Our patient is unique because his dysphagia has been followed up since his diagnosis of CGD in 1988. Throughout follow-up, his symptoms have fluctuated, but the anatomy of his esophagus has not changed significantly. Although progression might have been expected, both his symptoms and anatomy have remained relatively stable. The patient has not had meat impaction for several years, raising the question of whether the strictures have enlarged over time to allow easy passage of meat. Some of the earlier cases have had only functional dysmotility, whereas our patient has strictures, diverticula, and presumed dysmotility. It is interesting to note that despite long-term significant inflammation of the esophagus, there is no evidence of pre-malignant or malignant lesions in this patient.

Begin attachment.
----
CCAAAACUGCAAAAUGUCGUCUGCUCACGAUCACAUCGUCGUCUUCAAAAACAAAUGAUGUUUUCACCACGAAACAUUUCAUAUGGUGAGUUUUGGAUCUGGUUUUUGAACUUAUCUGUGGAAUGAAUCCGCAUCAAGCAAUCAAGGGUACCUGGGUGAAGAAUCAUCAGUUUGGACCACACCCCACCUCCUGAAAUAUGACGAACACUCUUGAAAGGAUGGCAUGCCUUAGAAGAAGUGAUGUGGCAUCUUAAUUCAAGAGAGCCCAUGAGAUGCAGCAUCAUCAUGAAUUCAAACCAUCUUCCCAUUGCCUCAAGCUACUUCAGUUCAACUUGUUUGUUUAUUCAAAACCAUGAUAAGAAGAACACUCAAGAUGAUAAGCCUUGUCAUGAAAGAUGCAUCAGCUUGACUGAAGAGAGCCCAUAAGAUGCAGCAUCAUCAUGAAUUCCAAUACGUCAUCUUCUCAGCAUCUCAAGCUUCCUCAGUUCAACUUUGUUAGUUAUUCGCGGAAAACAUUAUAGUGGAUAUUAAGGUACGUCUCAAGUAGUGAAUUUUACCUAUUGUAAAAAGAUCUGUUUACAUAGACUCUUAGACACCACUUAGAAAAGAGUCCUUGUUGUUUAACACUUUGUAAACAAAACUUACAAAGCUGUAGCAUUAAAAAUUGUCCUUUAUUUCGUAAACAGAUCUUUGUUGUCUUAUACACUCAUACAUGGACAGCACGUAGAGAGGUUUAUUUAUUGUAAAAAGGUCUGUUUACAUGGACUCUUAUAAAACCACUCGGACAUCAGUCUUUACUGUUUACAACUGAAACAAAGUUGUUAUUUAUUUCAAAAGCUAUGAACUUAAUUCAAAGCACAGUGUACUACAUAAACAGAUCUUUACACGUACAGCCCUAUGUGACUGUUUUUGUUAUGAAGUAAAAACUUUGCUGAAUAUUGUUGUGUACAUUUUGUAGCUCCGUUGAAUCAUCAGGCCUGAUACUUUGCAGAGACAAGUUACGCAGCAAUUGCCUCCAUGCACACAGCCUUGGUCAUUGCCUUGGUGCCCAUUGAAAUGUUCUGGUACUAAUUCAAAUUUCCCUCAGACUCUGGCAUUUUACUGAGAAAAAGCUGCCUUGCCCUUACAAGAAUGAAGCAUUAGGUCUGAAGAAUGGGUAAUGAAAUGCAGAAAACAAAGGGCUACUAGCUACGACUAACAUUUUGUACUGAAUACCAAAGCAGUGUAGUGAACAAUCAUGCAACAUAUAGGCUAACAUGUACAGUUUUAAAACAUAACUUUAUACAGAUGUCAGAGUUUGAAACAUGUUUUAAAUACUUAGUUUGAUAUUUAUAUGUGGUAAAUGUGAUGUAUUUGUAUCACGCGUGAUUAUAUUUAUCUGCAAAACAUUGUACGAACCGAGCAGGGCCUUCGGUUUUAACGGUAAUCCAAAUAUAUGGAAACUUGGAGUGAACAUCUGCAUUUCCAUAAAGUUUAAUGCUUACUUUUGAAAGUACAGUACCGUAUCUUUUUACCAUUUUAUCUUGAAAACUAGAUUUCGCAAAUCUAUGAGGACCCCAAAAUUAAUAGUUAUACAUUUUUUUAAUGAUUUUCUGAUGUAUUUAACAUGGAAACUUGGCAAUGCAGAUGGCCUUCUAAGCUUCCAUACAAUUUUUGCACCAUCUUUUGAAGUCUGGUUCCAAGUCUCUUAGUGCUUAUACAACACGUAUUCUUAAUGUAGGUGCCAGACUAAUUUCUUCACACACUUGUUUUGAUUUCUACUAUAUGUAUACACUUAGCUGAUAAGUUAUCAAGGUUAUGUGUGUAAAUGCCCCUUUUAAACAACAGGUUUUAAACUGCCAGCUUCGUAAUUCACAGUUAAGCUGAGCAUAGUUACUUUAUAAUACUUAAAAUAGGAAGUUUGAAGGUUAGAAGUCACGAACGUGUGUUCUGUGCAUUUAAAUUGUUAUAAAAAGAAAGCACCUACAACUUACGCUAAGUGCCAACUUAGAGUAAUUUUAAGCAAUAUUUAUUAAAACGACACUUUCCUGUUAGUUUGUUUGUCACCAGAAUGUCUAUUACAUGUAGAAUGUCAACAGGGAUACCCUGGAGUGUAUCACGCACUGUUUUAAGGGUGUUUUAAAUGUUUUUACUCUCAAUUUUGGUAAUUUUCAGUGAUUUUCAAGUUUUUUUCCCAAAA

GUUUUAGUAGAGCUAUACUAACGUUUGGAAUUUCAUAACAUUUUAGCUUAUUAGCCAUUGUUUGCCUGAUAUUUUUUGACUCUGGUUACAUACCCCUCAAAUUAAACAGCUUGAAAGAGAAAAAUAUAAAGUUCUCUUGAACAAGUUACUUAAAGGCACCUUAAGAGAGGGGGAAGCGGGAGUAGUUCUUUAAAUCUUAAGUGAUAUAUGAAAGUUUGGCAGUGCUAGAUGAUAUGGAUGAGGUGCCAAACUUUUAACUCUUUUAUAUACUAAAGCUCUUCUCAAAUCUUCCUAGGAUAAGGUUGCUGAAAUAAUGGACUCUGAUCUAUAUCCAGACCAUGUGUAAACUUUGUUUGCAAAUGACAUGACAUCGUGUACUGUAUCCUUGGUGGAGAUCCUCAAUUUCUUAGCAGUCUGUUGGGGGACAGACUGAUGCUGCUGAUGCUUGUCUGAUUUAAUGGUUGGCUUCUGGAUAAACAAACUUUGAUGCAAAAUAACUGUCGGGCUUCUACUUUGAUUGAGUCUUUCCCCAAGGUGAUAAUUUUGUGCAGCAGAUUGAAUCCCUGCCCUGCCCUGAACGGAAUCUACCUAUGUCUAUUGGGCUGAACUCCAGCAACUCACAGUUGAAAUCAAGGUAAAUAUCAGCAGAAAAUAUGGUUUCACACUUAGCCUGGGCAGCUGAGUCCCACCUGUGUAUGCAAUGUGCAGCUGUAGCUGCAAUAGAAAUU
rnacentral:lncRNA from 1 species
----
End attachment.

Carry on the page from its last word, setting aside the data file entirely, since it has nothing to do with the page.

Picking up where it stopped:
As in the previous case reports, anatomical pathology has not given any clues as to why esophageal dysfunction occurs. It is suspected that granulomatous inflammation causes strictures, although this has not been shown. Alternatively, functional dysmotility may exist before anatomical changes. Because the patient in this case had anatomical changes upon presentation, the full evolution of his illness has been missed. As the management of CGD has improved and patients are living longer, non-infectious complications are becoming increasingly relevant. Esophageal involvement in CGD should be suspected in the appropriate clinical setting, worked up, and aggressively managed.
Financial support: This research was supported by the Intramural Research Programs of the NIDDK (Z01 DK075008-03 LDB) and NIAID, CC, and NIH.
Guarantor of the article: Theo Heller, MD.Specific author contributions: Heather Laskey: wrote first draft and collected images. All remaining authors: editing, writing, intellectual input, and patient care.
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Potential competing interests: None.